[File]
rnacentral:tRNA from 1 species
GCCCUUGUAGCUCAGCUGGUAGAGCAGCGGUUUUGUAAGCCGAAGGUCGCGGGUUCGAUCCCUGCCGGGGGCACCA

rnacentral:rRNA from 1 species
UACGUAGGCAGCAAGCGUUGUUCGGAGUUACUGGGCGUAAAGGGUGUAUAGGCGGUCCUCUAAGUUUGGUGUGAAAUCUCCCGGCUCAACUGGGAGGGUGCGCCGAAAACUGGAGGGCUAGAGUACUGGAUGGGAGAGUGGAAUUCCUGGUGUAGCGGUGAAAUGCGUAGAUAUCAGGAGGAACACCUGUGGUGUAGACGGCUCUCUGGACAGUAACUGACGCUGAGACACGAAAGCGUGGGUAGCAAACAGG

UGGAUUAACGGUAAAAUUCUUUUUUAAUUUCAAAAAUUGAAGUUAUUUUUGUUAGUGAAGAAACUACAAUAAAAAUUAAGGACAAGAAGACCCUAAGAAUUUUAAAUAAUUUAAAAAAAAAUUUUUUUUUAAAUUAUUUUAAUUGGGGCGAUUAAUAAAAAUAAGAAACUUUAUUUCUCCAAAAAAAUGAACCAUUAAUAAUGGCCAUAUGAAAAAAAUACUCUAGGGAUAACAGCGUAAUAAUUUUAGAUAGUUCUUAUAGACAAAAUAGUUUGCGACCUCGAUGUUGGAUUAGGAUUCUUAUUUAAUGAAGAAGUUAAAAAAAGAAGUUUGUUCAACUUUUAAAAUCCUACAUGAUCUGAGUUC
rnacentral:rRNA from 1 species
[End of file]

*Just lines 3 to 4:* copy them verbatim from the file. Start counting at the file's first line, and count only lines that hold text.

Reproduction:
rnacentral:rRNA from 1 species
UACGUAGGCAGCAAGCGUUGUUCGGAGUUACUGGGCGUAAAGGGUGUAUAGGCGGUCCUCUAAGUUUGGUGUGAAAUCUCCCGGCUCAACUGGGAGGGUGCGCCGAAAACUGGAGGGCUAGAGUACUGGAUGGGAGAGUGGAAUUCCUGGUGUAGCGGUGAAAUGCGUAGAUAUCAGGAGGAACACCUGUGGUGUAGACGGCUCUCUGGACAGUAACUGACGCUGAGACACGAAAGCGUGGGUAGCAAACAGG